If you’ve ever had a massage, you may have been told it was good for “draining your lymph.” But in your blissed-out state, you may not have thought to ask what exactly the lymph is, and why on earth you would need to drain it with a lymphatic drainage massage.
With the ongoing quest to bring more wellness and relaxation into our lives, lymphatic massages are becoming a more common topic of conversation. Here’s the breakdown on what it is, and whether or not it’s something you should consider adding into your weekly self-care routine.
What Is the Lymphatic System?
According to Medline Plus, the lymphatic system — or the lymph system, for short — consists of organs, nodes, ducts, and vessels that make and move lymph from tissues to the bloodstream. Lymph itself is a fluid made of white blood cells and chyle (a fluid from the intestines that contains proteins and fats).
“The lymphatic system allows for fluid lost from the capillaries to be returned to the circulation,” explains Peter Tiidus, Ph.D., dean, faculty of applied health sciences at Brock University. “It will also contain some byproducts of [the] immune system and other processes, such [as] proteins. It can be seen as a ‘secondary’ circulatory system.”
What Is Lymphatic Drainage Massage?
In general, a lymphatic massage uses gentle, light, rhythmic strokes to encourage the flow of lymph and normal activity of the lymph system. “The main technique is to apply pressure along vital lymph nodes while gently stroking the skin to manually ‘move’ congested lymph fluid toward the body’s main draining sites and detoxification channels to promote cleansing and healing,” explains Brian Clement, Ph.D., director of Hippocrates Health Institute.
However, research has yet to identify the best techniques and optimal frequency of lymph massages, note the authors of a 2008 paper in the Clinical Journal of Oncology Nursing.
Keep in mind that there is no standard lymphatic drainage massage. Just like a deep tissue massage is never the same from massage therapist to massage therapist — or even from massage to massage with the same therapist — a lymphatic drainage massage also varies. You might also hear it called lymphatic massage, lymph drainage massage, or simply lymph massage.
Lymphatic Drainage Massage Benefits
Ask anyone who performs manual lymph drainage (MLD) and they may tell you the technique helps detoxify the body, support the immune system, relieve pain, reduce bloating and fluid retention, and clear “sluggish” tissues. Some sites even claim that lymphatic drainage massage can help with acne, migraines, multiple sclerosis, sports injuries, arthritis, fibromyalgia, chronic fatigue syndrome, cellulite, and more.
Now, some claims have decent scientific backing. For example, MLD was shown to reduce post-exercise blood lactate and muscle tension in a small group of athletes, according to a recent Polish study.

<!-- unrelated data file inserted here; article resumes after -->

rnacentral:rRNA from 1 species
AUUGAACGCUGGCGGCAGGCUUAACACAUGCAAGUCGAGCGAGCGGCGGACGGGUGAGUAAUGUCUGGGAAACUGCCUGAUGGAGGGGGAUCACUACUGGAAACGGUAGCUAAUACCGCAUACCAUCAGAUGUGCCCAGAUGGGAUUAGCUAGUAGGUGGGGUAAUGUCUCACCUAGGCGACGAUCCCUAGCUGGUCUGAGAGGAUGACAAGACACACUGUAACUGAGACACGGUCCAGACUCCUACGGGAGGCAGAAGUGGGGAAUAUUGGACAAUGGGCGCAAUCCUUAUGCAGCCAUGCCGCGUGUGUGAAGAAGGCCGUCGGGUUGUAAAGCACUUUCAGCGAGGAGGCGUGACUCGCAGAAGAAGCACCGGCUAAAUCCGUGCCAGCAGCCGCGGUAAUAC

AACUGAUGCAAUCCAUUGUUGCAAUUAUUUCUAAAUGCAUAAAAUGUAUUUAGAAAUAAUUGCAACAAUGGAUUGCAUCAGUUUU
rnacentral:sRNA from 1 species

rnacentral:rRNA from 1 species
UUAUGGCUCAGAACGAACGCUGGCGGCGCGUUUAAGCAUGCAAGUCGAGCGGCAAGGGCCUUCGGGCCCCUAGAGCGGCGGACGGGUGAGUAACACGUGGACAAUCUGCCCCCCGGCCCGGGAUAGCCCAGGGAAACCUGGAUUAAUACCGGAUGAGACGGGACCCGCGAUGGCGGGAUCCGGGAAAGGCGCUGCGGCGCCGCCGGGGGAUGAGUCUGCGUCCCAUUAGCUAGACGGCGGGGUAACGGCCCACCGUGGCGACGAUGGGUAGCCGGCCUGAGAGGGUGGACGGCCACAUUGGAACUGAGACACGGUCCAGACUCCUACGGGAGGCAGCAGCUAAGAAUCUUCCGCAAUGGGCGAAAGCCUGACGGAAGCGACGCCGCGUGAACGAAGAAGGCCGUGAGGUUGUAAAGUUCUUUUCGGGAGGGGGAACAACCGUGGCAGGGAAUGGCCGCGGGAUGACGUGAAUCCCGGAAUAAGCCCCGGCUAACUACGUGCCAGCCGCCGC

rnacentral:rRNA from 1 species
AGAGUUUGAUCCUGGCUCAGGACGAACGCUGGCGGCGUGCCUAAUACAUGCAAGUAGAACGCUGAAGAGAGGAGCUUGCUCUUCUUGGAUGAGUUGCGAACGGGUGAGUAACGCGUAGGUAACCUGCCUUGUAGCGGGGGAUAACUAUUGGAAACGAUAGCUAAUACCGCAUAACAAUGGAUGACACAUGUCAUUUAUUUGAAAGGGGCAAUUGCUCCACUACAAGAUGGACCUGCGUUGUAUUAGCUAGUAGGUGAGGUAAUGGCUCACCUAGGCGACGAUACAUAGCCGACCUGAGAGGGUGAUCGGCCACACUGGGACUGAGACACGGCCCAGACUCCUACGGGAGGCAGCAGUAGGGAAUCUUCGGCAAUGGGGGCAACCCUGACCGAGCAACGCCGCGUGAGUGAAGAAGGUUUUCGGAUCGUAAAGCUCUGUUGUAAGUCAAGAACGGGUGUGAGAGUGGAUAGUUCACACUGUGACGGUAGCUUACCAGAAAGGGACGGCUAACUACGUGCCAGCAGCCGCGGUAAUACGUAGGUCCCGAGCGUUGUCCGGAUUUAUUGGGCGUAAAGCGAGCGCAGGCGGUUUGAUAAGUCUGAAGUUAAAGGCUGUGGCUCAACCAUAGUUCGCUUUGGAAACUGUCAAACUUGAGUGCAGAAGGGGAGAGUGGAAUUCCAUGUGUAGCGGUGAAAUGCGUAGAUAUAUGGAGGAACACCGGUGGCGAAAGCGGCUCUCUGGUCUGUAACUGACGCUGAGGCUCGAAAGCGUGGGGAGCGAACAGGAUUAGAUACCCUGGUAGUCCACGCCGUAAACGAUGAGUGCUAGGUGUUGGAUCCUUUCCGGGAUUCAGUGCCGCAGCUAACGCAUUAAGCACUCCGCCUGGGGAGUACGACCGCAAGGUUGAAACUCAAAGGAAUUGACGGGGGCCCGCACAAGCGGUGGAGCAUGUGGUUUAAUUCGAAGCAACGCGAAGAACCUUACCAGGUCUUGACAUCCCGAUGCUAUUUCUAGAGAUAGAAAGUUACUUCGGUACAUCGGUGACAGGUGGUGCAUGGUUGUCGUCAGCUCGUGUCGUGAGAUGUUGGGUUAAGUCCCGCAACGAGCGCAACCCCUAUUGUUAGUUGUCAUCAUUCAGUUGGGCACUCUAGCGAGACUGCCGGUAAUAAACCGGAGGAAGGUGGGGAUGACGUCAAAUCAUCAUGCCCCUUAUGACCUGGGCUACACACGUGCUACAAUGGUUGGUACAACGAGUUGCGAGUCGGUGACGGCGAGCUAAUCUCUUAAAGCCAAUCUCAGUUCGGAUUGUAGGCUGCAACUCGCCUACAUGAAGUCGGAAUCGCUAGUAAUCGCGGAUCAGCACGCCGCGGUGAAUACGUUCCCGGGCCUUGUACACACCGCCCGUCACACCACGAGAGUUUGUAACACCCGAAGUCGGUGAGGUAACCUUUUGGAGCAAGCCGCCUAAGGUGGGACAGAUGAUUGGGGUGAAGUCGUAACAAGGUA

But there are a ton of other benefits that are not scientifically proven. “Many alternative therapies, including lymph massage, are not fully evidence-based,” Tiidus says. “The benefits might be happening, but the hard evidence to show this is happening in humans is almost nonexistent. The benefits are based on a hopeful outlook rather than any evidence.”
Even the use of manual lymphatic drainage for lymphedema (when fluid builds up in the tissues, causing swelling) after breast cancer treatment needs more research to be verified, according to a 2015 Cochrane Review.
And many benefits reported in studies are not necessarily due to this specific massage alone. There’s research on the effect of lymphatic drainage on migraines which shows it might help, but also might not be any better than traditional massage in some ways.
Lastly, regarding the claim about draining toxins from your body, “there aren’t toxins in there,” Tiidus says. “Those are part of normal muscle metabolic processes.”
Whatever the potential benefits may be, the bottom line is that more research is necessary to be fully conclusive.
The Risks of Lymphatic Drainage Massage
Based on the science, no one needs to have their lymph drained. But let’s face it — massage feels good. So for most people, it’s totally fine to have lymphatic massages every now and then if you have the time and the money. However, if you have blood clots, a skin infection, or an active disease in the involved lymph drainage areas, it’s best to avoid massage, according to the Mayo Clinic.
Overall, “lymph massage is probably low-risk ‘therapy.’ It doesn’t really have harmful effects,” Tiidus says. “But it may be oversold as to what it might or might not be doing.”